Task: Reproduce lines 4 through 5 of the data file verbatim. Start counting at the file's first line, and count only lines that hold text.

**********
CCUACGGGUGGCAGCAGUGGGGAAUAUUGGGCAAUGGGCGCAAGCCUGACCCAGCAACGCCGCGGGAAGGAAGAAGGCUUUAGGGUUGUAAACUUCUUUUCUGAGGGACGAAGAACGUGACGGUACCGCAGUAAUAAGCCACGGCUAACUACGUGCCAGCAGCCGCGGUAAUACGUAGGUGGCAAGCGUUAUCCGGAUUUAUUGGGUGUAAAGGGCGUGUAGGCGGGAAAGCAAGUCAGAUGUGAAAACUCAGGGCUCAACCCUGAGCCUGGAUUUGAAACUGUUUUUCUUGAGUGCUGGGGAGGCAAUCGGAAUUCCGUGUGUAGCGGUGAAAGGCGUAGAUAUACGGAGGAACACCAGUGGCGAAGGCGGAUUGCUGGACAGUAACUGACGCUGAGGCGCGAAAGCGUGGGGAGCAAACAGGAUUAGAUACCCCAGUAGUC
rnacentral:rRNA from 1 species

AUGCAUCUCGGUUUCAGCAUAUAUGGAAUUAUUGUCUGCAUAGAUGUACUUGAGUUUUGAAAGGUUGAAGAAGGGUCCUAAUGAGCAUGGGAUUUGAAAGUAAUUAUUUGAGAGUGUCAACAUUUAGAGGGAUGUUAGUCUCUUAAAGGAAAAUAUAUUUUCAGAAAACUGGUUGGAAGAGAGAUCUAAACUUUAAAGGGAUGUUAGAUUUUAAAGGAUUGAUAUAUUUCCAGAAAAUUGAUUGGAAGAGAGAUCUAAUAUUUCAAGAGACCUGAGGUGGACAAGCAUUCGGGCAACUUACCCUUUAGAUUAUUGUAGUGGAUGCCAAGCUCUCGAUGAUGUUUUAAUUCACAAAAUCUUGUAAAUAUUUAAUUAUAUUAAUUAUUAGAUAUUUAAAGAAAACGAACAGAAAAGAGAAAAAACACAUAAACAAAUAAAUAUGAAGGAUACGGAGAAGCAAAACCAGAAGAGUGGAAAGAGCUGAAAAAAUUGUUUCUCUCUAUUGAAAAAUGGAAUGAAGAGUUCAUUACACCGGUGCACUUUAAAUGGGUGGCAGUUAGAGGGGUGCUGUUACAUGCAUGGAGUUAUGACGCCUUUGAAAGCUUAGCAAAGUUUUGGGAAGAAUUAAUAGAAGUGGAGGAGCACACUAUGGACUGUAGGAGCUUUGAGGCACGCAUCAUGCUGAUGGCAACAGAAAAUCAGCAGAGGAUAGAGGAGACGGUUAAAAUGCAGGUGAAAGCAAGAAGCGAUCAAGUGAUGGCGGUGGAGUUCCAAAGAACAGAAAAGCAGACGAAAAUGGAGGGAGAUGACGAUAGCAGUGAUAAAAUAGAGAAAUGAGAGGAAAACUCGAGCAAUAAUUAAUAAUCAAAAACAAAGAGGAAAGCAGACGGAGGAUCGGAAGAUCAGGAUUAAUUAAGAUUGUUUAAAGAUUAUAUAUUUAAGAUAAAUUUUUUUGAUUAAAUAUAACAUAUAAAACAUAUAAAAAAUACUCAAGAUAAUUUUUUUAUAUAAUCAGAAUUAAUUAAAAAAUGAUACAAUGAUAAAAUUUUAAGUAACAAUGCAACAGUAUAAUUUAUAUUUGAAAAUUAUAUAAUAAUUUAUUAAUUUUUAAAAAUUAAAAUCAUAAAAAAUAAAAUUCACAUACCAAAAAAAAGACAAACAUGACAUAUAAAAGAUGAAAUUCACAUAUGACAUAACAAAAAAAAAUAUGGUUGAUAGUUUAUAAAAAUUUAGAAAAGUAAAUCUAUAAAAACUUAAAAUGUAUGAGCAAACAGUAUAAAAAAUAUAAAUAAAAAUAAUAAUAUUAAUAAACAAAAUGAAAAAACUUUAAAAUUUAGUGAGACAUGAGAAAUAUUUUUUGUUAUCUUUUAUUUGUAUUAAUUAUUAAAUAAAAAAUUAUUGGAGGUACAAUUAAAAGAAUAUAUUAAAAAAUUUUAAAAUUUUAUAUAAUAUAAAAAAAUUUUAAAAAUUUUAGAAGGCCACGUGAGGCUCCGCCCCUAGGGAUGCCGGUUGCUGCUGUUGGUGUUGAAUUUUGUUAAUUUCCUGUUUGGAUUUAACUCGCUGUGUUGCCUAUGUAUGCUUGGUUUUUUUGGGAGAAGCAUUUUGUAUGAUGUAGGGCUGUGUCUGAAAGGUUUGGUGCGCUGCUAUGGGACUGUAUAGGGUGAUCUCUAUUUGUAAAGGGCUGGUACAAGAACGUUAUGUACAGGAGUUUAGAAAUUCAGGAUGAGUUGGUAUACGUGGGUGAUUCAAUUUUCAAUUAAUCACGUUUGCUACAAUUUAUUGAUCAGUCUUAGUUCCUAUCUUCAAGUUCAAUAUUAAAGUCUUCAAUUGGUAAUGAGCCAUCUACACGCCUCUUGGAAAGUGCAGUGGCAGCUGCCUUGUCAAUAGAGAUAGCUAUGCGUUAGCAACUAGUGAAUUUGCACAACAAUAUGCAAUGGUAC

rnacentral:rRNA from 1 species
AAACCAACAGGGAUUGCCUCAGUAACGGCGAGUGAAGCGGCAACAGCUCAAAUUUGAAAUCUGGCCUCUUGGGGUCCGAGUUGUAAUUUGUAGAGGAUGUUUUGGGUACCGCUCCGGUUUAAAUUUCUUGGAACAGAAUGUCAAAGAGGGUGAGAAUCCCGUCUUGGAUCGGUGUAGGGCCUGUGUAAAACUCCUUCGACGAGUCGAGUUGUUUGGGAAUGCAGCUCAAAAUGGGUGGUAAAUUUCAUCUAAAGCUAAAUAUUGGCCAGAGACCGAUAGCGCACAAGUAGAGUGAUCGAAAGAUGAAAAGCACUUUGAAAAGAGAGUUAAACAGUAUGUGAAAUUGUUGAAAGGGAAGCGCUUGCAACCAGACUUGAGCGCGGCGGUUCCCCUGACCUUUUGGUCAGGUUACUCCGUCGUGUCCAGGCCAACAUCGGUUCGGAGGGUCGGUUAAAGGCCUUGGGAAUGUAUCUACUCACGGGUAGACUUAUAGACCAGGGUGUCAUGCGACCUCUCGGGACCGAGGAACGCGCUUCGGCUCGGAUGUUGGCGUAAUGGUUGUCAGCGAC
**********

rnacentral:rRNA from 1 species
AAACCAACAGGGAUUGCCUCAGUAACGGCGAGUGAAGCGGCAACAGCUCAAAUUUGAAAUCUGGCCUCUUGGGGUCCGAGUUGUAAUUUGUAGAGGAUGUUUUGGGUACCGCUCCGGUUUAAAUUUCUUGGAACAGAAUGUCAAAGAGGGUGAGAAUCCCGUCUUGGAUCGGUGUAGGGCCUGUGUAAAACUCCUUCGACGAGUCGAGUUGUUUGGGAAUGCAGCUCAAAAUGGGUGGUAAAUUUCAUCUAAAGCUAAAUAUUGGCCAGAGACCGAUAGCGCACAAGUAGAGUGAUCGAAAGAUGAAAAGCACUUUGAAAAGAGAGUUAAACAGUAUGUGAAAUUGUUGAAAGGGAAGCGCUUGCAACCAGACUUGAGCGCGGCGGUUCCCCUGACCUUUUGGUCAGGUUACUCCGUCGUGUCCAGGCCAACAUCGGUUCGGAGGGUCGGUUAAAGGCCUUGGGAAUGUAUCUACUCACGGGUAGACUUAUAGACCAGGGUGUCAUGCGACCUCUCGGGACCGAGGAACGCGCUUCGGCUCGGAUGUUGGCGUAAUGGUUGUCAGCGAC